In 2022 the new Anti-Corruption Court was opened. The anti-corruption chamber was opened at the Court of Cassation. “With legislation adopted in yearend the creation of the Anti-Corruption Court of Appeals was defined, thus ensuring the three-level specialized examination of anti-corruption cases,” Minasyan said.



DHAKA, Dec. 27 (Xinhua) -- The central bank of Bangladesh has formed a cell dedicated to looking into the effectiveness of the country's anti-money laundering mechanisms.

Masud Biswas, head of the Bangladesh Financial Intelligence Unit (BFIU), the country's anti-money laundering watchdog, told journalists on Tuesday that the cell, which will work under the auspices of the BFIU, will carry out regular research on measures to prevent money laundering.

Apart from this, it will review the experiences of other countries to help with the government's efforts to bring back laundered money.

Bangladesh Bank (BB) Governor Abdur Rouf Talukder had earlier approved the operation of the cell.

Noting that most of the money was being laundered under the guise of foreign trade, Biswas said import costs had jumped 20-200 percent when the annual report for the 2020-21 fiscal year was published in October.

Against this backdrop, Talukder said a section of traders provided inflated figures for imports.

Also, he said money was smuggled out through hundis, an informal channel for making cross-border transactions.

Bangladesh's foreign exchange reserves fell below 34 billion U.S. dollars at the end of November this year, the latest central bank data showed.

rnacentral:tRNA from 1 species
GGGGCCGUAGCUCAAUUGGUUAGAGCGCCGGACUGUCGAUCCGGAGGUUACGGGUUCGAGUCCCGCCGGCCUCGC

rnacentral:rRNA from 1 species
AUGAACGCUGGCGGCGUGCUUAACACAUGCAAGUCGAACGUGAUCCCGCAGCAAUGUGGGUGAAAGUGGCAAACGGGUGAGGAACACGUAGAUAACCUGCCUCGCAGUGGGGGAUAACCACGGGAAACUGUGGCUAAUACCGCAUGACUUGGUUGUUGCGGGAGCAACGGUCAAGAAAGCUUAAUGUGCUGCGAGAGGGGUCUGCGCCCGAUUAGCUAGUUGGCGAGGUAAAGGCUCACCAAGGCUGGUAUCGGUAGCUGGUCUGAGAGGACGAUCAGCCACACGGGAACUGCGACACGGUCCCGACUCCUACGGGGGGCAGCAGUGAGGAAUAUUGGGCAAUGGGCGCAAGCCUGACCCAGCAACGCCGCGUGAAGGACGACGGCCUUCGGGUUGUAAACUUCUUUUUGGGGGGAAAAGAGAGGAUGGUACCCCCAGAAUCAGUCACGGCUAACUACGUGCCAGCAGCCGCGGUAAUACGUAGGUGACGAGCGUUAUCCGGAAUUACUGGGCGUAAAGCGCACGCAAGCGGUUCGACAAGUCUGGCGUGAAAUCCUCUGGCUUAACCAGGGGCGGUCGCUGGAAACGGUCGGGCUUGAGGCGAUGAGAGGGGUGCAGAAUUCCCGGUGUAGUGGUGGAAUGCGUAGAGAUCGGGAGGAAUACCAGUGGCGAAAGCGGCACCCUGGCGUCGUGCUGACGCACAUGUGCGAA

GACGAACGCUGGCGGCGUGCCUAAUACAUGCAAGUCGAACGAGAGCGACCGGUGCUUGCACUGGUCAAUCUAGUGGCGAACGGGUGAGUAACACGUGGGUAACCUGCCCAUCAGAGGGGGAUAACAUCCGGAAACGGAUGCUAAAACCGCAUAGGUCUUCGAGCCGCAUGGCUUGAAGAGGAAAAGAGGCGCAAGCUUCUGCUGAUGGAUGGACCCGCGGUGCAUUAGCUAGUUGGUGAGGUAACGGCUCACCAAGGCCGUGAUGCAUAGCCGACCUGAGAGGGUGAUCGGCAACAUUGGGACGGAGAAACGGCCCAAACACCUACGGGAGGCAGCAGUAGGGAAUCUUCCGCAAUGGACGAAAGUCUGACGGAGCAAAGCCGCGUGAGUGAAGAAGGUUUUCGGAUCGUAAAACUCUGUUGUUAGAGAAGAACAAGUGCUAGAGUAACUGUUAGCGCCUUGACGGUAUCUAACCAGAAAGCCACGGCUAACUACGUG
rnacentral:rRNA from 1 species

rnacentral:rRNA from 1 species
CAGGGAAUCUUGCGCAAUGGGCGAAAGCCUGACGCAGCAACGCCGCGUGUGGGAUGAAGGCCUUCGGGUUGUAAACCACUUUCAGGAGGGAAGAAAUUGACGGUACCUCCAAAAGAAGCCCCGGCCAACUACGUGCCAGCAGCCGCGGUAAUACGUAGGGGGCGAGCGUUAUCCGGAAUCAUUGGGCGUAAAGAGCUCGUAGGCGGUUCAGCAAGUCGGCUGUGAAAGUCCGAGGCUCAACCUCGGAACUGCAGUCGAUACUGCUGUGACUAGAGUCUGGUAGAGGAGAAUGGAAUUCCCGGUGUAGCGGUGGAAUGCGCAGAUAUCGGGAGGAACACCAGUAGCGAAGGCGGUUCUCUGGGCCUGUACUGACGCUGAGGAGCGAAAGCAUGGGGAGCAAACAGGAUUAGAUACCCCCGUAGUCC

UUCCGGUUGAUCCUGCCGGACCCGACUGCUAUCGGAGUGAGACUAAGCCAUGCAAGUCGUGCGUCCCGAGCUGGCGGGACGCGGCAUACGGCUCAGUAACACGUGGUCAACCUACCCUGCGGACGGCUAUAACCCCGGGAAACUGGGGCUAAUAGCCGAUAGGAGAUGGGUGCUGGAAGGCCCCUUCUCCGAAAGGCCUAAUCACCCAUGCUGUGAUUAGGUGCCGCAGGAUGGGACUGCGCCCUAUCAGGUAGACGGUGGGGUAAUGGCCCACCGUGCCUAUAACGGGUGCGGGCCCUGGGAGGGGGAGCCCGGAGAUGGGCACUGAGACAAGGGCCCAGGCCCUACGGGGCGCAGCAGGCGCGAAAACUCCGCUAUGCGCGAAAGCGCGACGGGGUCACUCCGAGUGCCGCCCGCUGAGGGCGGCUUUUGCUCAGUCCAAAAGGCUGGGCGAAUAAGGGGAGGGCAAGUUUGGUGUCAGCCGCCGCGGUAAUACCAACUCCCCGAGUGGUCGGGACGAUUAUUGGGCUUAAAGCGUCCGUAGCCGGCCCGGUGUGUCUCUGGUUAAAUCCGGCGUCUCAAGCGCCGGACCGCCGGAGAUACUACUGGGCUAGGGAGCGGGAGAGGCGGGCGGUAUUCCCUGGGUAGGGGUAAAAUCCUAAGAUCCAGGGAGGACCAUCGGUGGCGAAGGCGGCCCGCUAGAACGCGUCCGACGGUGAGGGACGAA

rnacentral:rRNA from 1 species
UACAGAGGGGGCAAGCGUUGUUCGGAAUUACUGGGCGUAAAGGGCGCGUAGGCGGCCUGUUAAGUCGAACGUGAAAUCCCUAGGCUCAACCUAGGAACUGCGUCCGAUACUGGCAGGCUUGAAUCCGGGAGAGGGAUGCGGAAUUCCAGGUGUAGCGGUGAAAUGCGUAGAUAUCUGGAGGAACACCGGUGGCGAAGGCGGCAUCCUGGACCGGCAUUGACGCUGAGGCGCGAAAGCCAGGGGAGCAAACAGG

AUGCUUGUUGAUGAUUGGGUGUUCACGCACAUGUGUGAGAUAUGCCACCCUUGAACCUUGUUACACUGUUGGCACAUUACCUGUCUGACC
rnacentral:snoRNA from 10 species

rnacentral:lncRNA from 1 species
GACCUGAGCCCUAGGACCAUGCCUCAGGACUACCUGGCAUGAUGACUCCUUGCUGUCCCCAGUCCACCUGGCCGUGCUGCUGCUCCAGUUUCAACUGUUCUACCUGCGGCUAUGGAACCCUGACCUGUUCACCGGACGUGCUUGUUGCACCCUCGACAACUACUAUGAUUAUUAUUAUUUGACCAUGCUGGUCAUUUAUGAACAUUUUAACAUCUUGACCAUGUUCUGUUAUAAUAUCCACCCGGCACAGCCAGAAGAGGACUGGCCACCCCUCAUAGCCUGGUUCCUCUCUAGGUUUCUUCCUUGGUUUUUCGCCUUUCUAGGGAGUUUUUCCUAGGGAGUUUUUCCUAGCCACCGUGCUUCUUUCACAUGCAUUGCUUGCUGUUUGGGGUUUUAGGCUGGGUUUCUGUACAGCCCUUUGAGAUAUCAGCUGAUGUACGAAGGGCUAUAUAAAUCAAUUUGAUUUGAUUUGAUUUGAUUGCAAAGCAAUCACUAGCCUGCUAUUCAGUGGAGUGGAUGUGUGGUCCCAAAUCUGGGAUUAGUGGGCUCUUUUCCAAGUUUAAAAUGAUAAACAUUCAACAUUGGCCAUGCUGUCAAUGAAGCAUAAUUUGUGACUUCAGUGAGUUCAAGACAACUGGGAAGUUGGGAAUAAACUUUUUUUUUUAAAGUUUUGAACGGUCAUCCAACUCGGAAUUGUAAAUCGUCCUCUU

In a bid to boost shrinking forex reserves, the central bank has taken various measures, including relaxed rules, to woo more remittances from millions of Bangladeshi people living and working abroad in recent months.



On December 15, 2022, the Financial Transactions and Reports Analysis Centre of Canada (FINTRAC) published an Operational Alert that lists terrorist activity financing indicators concerning domestic and international terrorist groups. Specifically aimed at businesses subject to the Proceeds of Crime (Money Laundering) and Terrorist Financing Act (PCMLTFA), FINTRAC issued the indicators to help firms identify and report suspicious transactions and terrorist property. 


According to the alert, the Government of Canada states that religiously motivated violent extremism (RMVE), politically motivated violent extremism (PMVE), and ideologically motivated violent extremism (IMVE) all represent a threat to the security of Canada. IMVE is identified in the report as a type of terrorist threat that has “killed and wounded more people on Canadian soil than RMVE or PMVE.” 


Indicators of Terrorist Financing Activity 


To identify the terrorist financing activity, FINTRAC analyzed a sample of suspicious transaction reports (STRs) it received between January 2019 and October 2022. Based on FINTRAC’s analysis, the reported transactions fell into three main categories, including domestic terrorism, financing international terrorist groups, and Canadian extremist travelers (CETs).


In light of its analysis, FINTRAC compiled a comprehensive list of terrorist activity financing indicators that occur across each category, including:


-Adverse media or law enforcement information that link individuals to violent extremist group(s), sentiments, or violent extremist activity

-Subjects involved in transactions with individuals, groups, clubs, businesses and/or charities who have been associated with violent extremist groups by the media or law enforcement

-Transactions that involve certain high-risk jurisdictions